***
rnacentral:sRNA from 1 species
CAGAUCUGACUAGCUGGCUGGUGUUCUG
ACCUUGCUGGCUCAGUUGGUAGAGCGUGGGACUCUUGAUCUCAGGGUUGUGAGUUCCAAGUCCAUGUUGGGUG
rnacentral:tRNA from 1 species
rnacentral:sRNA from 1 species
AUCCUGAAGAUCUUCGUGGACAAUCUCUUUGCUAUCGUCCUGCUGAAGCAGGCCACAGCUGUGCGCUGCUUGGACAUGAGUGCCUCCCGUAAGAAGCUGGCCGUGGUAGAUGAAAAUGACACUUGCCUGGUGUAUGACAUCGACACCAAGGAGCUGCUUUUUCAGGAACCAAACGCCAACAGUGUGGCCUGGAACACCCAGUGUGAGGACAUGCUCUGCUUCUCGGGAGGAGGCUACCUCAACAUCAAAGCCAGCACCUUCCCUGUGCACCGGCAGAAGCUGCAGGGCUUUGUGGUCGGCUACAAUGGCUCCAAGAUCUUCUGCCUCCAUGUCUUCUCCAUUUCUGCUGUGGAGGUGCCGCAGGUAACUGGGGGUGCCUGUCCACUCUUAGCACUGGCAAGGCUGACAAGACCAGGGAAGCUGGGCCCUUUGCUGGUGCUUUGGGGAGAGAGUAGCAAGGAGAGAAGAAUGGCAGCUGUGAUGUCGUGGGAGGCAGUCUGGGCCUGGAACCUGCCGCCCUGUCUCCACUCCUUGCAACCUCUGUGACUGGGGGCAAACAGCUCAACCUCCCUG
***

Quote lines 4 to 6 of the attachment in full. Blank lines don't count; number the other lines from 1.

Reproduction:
rnacentral:tRNA from 1 species
rnacentral:sRNA from 1 species
AUCCUGAAGAUCUUCGUGGACAAUCUCUUUGCUAUCGUCCUGCUGAAGCAGGCCACAGCUGUGCGCUGCUUGGACAUGAGUGCCUCCCGUAAGAAGCUGGCCGUGGUAGAUGAAAAUGACACUUGCCUGGUGUAUGACAUCGACACCAAGGAGCUGCUUUUUCAGGAACCAAACGCCAACAGUGUGGCCUGGAACACCCAGUGUGAGGACAUGCUCUGCUUCUCGGGAGGAGGCUACCUCAACAUCAAAGCCAGCACCUUCCCUGUGCACCGGCAGAAGCUGCAGGGCUUUGUGGUCGGCUACAAUGGCUCCAAGAUCUUCUGCCUCCAUGUCUUCUCCAUUUCUGCUGUGGAGGUGCCGCAGGUAACUGGGGGUGCCUGUCCACUCUUAGCACUGGCAAGGCUGACAAGACCAGGGAAGCUGGGCCCUUUGCUGGUGCUUUGGGGAGAGAGUAGCAAGGAGAGAAGAAUGGCAGCUGUGAUGUCGUGGGAGGCAGUCUGGGCCUGGAACCUGCCGCCCUGUCUCCACUCCUUGCAACCUCUGUGACUGGGGGCAAACAGCUCAACCUCCCUG